Space Invaders: World Defense has the feel that players should don AR glasses while shooting down the titular pixel aliens in the real world. That’s because, to spin around and search for them means they’re after you rather than to destroy a city! Fortunately, this game limits the area where you can move around in, so you’re not running around the block in search of their entry point to our realm.
Although this game isn’t fully designed to have you witness monsters and UFOs blasting away at city buildings, I have to wonder when digital reality will replace our own. That’s assuming that we are not living in The Matrix; the more structures that are around means more work for the game to internally weave these invaders around. It’s a novel concept that will have most gamers loving this product’s mechanic as a lot of the animation and interaction is truly seamless.
Because there’s no save point in Yars Recharged, players will have to invest a lot of time into progressing deep into the hive.
Available on Steam, Nintendo Switch, Playstation and Xbox
Adamvision Studios must love bugs. Their early Atari Recharged games was all about either squashing them or being one. The latest, Yars Recharged, offers a modern take of the classic Yars Revenge game for the Atari 2600 and it works very well with the modern controller.
Those devices were simpler back then. The joystick was all players had to control their avatars, and the little insect warrior only had one task–nibble away at the enemy defenses. The navigation is far more intuitive in this update, since one stick flies Yar around and the other positions where he spits. Unlike Asteroids, getting used to controls took no time at all to master.
Hopefully, Atari Inc. has plans for more Recharged video games
Hopefully, Atari Inc. has plans for more Recharged video games. Last year’s releases by software developors Adamvision and Sneakybox Studios had a nice theme going with Centipede and Black Widow before going to space. The last title was Asteroids Recharged. In what I hope to see coming up are even more adaptations of their classic vector-based games like:
This version is a no-brainer for the simple reason most modern controllers have two sticks built in. It makes players feel like they’re in the tank, and they can slowly navigate their way in a landscape populated by the enemy.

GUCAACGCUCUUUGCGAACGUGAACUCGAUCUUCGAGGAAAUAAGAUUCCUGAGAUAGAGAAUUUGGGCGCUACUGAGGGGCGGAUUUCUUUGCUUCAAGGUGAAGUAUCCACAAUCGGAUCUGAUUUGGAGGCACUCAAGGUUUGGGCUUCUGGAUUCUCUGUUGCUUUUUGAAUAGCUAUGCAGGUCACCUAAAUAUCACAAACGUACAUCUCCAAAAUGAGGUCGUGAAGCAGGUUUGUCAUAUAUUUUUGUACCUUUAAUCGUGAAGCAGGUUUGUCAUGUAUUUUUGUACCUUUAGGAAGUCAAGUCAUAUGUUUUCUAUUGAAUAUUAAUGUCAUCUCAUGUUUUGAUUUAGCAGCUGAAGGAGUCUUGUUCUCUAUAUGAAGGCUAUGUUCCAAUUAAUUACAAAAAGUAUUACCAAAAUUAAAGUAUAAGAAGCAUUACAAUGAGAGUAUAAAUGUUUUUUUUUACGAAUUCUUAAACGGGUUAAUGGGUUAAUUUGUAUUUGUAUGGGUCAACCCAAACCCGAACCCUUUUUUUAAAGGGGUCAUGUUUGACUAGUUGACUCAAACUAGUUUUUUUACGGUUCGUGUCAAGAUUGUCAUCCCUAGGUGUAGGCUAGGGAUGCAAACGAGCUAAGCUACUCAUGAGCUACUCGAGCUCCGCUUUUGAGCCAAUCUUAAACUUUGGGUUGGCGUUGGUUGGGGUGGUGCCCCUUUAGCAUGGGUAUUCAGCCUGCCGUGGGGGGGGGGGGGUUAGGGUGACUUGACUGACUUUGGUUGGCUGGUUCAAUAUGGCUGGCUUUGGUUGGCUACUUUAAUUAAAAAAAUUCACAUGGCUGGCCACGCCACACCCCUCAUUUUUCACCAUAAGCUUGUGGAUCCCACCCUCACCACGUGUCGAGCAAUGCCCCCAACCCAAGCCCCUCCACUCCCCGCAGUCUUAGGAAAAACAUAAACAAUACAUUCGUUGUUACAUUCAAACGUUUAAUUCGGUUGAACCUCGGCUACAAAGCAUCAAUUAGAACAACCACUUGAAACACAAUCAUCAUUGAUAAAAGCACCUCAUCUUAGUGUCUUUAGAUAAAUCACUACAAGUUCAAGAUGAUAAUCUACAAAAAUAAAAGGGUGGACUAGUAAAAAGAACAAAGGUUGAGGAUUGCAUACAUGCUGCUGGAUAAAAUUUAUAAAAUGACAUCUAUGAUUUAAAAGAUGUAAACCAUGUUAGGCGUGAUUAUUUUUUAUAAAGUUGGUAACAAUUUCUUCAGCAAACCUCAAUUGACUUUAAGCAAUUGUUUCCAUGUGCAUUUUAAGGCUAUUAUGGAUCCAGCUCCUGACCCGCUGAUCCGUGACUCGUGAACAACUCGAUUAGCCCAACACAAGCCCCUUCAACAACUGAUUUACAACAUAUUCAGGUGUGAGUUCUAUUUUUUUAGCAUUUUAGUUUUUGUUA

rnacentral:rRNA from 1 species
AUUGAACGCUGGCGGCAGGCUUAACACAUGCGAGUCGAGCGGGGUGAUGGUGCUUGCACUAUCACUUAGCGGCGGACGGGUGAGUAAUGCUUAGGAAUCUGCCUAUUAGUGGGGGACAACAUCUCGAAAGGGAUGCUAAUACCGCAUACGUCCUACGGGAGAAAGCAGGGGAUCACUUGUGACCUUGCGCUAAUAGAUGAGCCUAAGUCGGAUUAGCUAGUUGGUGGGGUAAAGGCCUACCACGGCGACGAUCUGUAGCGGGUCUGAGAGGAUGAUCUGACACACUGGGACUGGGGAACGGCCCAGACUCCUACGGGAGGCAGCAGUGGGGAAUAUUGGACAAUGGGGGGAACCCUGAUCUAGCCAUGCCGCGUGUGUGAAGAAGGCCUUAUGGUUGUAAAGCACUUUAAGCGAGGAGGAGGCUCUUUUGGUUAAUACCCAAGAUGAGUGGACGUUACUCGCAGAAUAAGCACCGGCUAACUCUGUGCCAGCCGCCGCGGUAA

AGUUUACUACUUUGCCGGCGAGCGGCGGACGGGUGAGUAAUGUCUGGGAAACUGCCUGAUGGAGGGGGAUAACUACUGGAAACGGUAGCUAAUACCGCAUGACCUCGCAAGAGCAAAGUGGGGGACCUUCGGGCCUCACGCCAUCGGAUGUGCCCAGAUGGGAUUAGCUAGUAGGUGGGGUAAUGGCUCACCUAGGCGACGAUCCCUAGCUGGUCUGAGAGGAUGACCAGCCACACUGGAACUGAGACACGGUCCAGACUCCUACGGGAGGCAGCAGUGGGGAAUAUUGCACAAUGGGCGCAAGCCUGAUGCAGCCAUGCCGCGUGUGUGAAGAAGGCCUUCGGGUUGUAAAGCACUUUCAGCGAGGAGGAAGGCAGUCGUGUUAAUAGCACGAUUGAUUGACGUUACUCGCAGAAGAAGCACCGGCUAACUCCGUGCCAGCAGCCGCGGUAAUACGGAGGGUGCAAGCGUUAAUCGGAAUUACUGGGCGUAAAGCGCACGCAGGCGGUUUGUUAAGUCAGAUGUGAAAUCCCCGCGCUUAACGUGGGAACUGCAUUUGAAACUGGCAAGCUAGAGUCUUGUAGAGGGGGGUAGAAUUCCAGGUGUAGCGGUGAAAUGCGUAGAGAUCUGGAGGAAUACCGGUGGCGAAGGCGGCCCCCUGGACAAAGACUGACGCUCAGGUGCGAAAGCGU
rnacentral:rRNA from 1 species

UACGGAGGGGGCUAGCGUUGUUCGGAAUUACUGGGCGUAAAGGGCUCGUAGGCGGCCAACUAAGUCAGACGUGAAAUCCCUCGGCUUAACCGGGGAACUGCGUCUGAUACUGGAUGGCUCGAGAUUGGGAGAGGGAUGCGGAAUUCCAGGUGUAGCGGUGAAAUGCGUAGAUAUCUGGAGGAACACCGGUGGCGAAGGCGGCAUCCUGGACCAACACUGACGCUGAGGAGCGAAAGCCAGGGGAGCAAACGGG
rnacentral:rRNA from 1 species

I’ve played Battlezone Gold (released 2018) and VR (2016) enough times to know they are graphically richer experiences, but sometimes all I want is the basics. There’s just something to that old vector style look which has me feel like I’m navigating an old vehicle. I also think it’d be cool to use those power-ups from the previous games imagined from a fresh new first person perspective.
Anyone who has played the original Asteroids will find Asteroids Recharged settings for button mashing very unnatural.
Available for Nintendo Switch, PS4/5 and Xbox
Anyone who has played the original Asteroids will find Asteroids Recharged settings for button mashing very unnatural. That’s because long time players of this game have grown accustomed to pushing buttons to aim and steer the spacecraft to shoot away these rocks in space. Even with the many versions available on the Internet (sometimes called Atari Reloaded), I’m more inclined to load up those takes than to play the official product.
My skill with the original and Atari 2600 lets me get farther. To put this game on a stick is odd. I need my buttons! At least some of them can be assignable through system preferences. But having a reconfigured setup plays better on an arcade fight stick. Also, I’d require a cabinet sized spread than a small one, which I picked up on Amazon to test if my theory is true, and I’ve lasted longer.
I’m still wishing for that sensitivity option, though. It’d make moving the spider less twitchy when I’m not wanting it to speed its way to death.
By Ed Sum
(The Vintage Tempest)
Available for the Atari VCS, Nintendo Switch, Steam (PC), Xbox Series X/S, Epic and PS4/5
Adamvision and Sneaky Box Studios are nicely sticking to a style for their re-imagined Atari games. Black Widow Recharged reuses a lot of elements from Centipede Rechargedand this consistency is great. I love the fact these two games are designed to be companion pieces to one another. The protagonist the player controls has to deal with various insect threats. Unfortunately, this also means players only have one life to get the pests in control. In this game’s case, once that spider is touched by a wasp, you’re dead.
Thankfully, you have a rather fast machine gun spit to turns these bugs into a dollar sign. They don’t buy anything (it’d be cool if it did like in Missile Command). The power-ups (with most ported over from the Centipede game) don’t appear fast enough, and players have to be very careful with the dual stick controller setup to keep on evading and shooting them down. There’s no movement sensitivity adjustment option in this game, whereas Centipede Recharged did. Hopefully, this can be resolved in an update. It’s only a matter of mental training to avoid moving your avatar to the target like a moth to a flame when it should be the other hand rotating the shooter to its intended target.